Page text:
• nausea
  • fatigue
  • tiredness
  • joint or muscle aches or pain
  • back pain
  • diarrhea
  • constipation
  • temporary hair loss
  • cold symptoms including stuffy nose, sneezing, cough, or sore throat

Severe Tasigna Side Effects

  • atherosclerosis
  • peripheral arterial disease
  • circulation issues (heart, brain, legs or arms)
  • amputations
  • severe stomach or abdominal pain
  • toe or joint pain
  • painful urination
  • a change in the amount of urine
  • swelling hands, ankles, or feet
  • rapid weight gain
  • symptoms of high blood sugar like increased thirst or urination
  • signs of liver disease; vomiting, stomach or abdominal pain, yellowing eyes or skin, or dark urine.

Tasigna Injuries / Death

Illustration of Tasigna induced Atherosclerosis

Illustration of Tasigna induced Atherosclerosis.

Patients taking Tasigna have increased risk in developing the potentially fatal condition Atherosclerosis, which causes a narrowing and stiffening of artery walls due to plaque buildup. This condition was not listed on Tasigna’s warning label.

Arterial blockage caused by Atherosclerosis can lead to a number of serious, life-threatening complications including:

  • Coronary artery disease (affecting the heart)
  • Carotid artery disease (affecting the neck and brain)
  • Angina (affecting the chest and heart)
  • Peripheral artery disease (affecting the extremities, especially the legs)
  • Chronic kidney disease (affecting the kidneys)

These sort of Tasigna complications can cause the following injuries to occur:

  • Heart attack
  • Stroke
  • Infections
  • Tissue decay and necrosis
  • Gangrene
  • Amputations
  • Kidney failure
  • Death

Numerous studies have been conducted on the long term safety of Tasigna, most resulting in cautionary warnings for Ph+ CML patients.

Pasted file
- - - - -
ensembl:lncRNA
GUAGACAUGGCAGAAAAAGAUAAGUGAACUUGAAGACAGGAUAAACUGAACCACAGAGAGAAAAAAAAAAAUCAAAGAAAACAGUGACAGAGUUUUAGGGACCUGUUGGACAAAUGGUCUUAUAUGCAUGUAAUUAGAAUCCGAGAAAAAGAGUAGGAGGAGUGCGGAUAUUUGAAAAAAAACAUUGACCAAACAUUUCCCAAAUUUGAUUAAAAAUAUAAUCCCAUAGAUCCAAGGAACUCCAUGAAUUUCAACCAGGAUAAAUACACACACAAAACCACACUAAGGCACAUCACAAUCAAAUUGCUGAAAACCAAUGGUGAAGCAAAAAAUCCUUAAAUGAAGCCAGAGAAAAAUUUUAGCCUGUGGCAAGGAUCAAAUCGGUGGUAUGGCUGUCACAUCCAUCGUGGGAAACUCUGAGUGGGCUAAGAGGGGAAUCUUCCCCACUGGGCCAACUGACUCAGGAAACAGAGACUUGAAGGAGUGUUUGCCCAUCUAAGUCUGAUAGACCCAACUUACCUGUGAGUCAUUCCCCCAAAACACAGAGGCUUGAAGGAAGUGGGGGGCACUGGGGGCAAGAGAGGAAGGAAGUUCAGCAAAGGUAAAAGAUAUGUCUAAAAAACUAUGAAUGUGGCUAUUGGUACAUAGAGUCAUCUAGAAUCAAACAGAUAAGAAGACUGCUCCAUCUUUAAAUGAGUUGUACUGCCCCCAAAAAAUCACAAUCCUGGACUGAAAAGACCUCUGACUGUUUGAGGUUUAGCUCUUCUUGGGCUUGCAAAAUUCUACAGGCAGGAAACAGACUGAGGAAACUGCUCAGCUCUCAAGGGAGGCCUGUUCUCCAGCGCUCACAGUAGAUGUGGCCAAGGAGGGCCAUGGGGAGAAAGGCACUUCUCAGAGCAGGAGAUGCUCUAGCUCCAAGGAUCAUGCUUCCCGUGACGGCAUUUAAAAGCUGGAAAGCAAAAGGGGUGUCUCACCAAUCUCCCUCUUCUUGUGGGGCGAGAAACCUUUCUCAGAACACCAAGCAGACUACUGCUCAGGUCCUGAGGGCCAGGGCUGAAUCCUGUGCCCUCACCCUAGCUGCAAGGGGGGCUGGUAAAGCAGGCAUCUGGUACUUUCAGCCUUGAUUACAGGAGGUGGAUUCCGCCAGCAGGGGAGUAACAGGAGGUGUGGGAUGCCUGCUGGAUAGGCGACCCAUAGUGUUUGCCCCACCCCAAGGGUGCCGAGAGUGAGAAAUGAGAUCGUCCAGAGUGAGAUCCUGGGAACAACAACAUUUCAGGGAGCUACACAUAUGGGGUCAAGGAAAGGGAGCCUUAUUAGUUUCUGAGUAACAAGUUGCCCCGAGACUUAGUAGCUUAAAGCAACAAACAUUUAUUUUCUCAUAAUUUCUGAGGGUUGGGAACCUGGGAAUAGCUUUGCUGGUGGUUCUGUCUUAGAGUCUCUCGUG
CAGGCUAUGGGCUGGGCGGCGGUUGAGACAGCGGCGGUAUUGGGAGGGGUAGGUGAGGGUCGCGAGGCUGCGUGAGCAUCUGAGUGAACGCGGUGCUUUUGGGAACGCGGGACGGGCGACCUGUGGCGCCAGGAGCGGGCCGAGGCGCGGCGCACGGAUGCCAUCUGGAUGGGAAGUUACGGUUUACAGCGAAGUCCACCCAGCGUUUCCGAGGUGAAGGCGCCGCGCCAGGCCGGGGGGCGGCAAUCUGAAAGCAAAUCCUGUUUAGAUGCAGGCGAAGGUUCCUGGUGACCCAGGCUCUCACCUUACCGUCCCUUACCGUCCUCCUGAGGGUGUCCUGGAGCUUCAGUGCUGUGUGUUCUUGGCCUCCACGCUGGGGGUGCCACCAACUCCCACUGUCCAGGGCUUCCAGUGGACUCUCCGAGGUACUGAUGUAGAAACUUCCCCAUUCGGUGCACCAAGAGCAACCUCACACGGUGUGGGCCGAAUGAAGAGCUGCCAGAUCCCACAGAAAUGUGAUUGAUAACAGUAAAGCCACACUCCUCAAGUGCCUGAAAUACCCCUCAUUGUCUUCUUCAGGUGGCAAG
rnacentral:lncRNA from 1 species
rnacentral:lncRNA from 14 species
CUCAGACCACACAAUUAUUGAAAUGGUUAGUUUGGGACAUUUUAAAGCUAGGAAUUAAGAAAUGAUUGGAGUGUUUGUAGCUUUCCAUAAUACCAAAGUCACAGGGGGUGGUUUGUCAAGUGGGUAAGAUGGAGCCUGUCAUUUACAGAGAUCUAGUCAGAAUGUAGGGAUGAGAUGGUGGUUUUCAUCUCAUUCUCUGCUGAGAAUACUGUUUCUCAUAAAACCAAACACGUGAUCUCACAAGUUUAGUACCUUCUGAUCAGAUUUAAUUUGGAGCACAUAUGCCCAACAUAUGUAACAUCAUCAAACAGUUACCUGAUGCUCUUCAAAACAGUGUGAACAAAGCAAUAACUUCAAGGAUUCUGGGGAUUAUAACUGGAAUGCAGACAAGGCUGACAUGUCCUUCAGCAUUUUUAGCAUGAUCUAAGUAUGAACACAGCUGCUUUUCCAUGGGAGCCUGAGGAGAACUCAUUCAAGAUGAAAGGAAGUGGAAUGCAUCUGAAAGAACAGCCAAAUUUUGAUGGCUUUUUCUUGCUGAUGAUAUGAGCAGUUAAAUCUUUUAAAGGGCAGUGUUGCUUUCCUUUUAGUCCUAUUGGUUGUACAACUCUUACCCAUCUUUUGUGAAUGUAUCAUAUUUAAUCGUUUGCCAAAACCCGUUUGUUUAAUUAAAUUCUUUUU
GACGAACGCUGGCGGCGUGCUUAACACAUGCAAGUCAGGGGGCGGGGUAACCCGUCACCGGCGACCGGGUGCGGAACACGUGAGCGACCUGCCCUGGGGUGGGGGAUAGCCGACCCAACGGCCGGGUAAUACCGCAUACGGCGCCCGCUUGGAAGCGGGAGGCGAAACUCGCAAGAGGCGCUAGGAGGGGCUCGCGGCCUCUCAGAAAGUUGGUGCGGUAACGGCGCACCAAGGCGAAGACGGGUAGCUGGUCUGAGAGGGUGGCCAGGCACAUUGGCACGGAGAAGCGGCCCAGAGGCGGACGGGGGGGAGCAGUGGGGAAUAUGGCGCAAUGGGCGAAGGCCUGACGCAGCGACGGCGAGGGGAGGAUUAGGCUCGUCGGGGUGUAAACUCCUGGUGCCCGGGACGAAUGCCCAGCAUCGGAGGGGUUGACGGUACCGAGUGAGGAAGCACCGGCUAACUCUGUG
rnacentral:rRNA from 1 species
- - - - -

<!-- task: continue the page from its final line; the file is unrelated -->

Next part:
After one such study published by the Mayo Clinic, Doctor Ayalew Tefferi penned an open letter in the journal LEUKEMIA stating,

“As for second-line therapy, I would encourage full disclosure, to patients, of adverse effects associated with each one of the currently available SG-TKIs , including the above-elaborated risk of nilotinib (Tasigna)-associated accelerated atherosclerosis.”

The letter also addressed an “inferior long-term outcome” of Tasigna as shown “by multiple studies and highlighted in a recent report of 1303 patients…”. In addition to Tasigna’s unlisted elevated risk for Atherosclerosis, the drug has also been linked to other serious side effects:

  • Atherosclerosis
  • Peripheral Arterial Disease
  • Circulation Issues (heart, brain, legs or arms)
  • Amputation

If you or a loved one has experienced any of these side effects after taking Tasigna, you are not alone.

Tasigna In Review

Gavel leaning against a row of law booksTasigna (nilotinib) is a chemotherapy drug used in the treatment of Philadelphia chromosome-positive chronic myelogenous leukemia (Ph+ CML). It was approved for use by The FDA in 2007, with reports of serious unlisted side effects following shortly thereafter. The drug has been linked to atherosclerosis, peripheral arterial disease, circulation Issues (heart, brain, legs or arms), and even conditions causing eventual amputation.

Numerous studies have been conducted on the long term safety of the drug, with a 2011 study warning of “rapidly progressive” peripheral artery occlusive disease, PAOD, during treatment.

A number of patients who took Tasigna and suffered side effects have begun to contact lawyers to discuss their legal rights in filing Tasigna lawsuits against the drugs manufacturer Novartis.